Jazz, film, and improvised culture.
Assassination: Gianna Jun Hits the Bullseye
from Ahn Okyun’s experiences, the Korean resistance was a lot like the French
underground. Traitors from within were a far greater threat than efforts to
root them out. In fact, the greatest threat to her mission comes from the
turncoat who recruited her in the first place in Choi Dong-hoon’s Assassination (trailer here), which opens this
Friday in New York.
was born in Korea, but she never lived there. Her nanny managed to save her
when her collaborating dog of a father had her loyalist mother killed. She grew
up as part of the free Korean diaspora, becoming a sniper in the Korean
Independence Army, despite her spectacles. In contrast, her twin sister lived a
life of luxury bought and paid for with blood money. Never really knowing her
father, she has no reservations about assassinating him. Hopefully, she will
also be able to take out Kawaguchi, the local Japanese commander, who happens
to be responsible for the death of her adopted mother.
complicate matters, Captain Yem, the supposed hero of the provisional
government is actually working with the Japanese to undermine the plot he was
ordered to launch. Initially, he entrusts the job to a notorious outlaw known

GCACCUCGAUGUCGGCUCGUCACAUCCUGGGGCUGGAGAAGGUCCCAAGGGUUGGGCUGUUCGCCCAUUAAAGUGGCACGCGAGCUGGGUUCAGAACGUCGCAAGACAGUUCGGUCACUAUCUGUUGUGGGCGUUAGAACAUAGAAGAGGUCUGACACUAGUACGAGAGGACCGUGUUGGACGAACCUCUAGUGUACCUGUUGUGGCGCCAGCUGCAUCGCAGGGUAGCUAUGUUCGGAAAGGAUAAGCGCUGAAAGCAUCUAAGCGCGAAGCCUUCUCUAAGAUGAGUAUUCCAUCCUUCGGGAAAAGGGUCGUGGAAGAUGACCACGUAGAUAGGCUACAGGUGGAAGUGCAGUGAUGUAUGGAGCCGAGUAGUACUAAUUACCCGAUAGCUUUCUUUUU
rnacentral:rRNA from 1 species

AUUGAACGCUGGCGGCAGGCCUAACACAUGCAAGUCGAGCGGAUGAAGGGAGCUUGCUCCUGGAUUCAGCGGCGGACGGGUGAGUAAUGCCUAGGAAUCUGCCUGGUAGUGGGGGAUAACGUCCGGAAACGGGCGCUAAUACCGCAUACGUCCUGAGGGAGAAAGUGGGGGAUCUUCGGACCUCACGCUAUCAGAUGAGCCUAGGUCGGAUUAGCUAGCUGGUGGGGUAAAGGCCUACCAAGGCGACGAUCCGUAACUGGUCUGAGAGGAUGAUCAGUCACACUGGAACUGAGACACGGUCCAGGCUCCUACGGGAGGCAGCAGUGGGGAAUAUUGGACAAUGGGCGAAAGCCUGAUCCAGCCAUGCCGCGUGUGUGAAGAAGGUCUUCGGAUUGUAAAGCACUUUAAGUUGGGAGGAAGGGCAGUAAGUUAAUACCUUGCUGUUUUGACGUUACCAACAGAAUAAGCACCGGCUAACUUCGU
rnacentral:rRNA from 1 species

as Hawaii Pistol, but the gun-for-hire is about to have his Casablanca moment. Remember that bit
about Ahn being a twin? It will be significant.
different flavors of vintage firearms were used in the making of Assassination, which should instill confidence
in its action scenes—and rightly so. Even though Choi’s screenplay is chocked
full of Shakespearean elements—betrayal, grudges, twins separated by
circumstances—the action quota and body count are closer to old school John
Woo. It is sort of like Melville’s Army of Night, but with all the existential angst replaced with
director Yu Sang-seop pulls out all the stops down the stretch, delivering a
centerpiece spectacle that is truly a thing of beautiful carnage. The entire
third act is a non-stop ballet of gunfire, but Choi ends it with some stone
cold operatic payback. This is the kind of film that turns fans onto Asian
action movies in the first place.
Jung-jae is terrifically loathsome as Yem and Ha Jung-woo’s Hawaii Pistol
certainly holds up his end during the action sequences, but Gianna Jun commands
the film from start to finish. She was great in Choi’s The Thieves, but this is another level up for her as an action
lead. She looks like a natural firing the Mosin-Nagant sniper rifle, but she
also expresses the sort emotional turmoil you would expect from an orphan,
whose family relationships are about to get considerably more complicated.
Assassination somehow runs a robust
one hundred thirty-nine minutes, but they are a lean, mean one hundred
thirty-nine minutes. It feels drastically shorter, because most of the time is
devoted to action and the relatively quiet moments are used for some pretty effective
intrigue. For action fans, this is the good stuff. Very highly recommended, Assassination opens this Friday (8/7) in
New York, at the AMC Empire.
Labels: Gianna Jun, Korean Cinema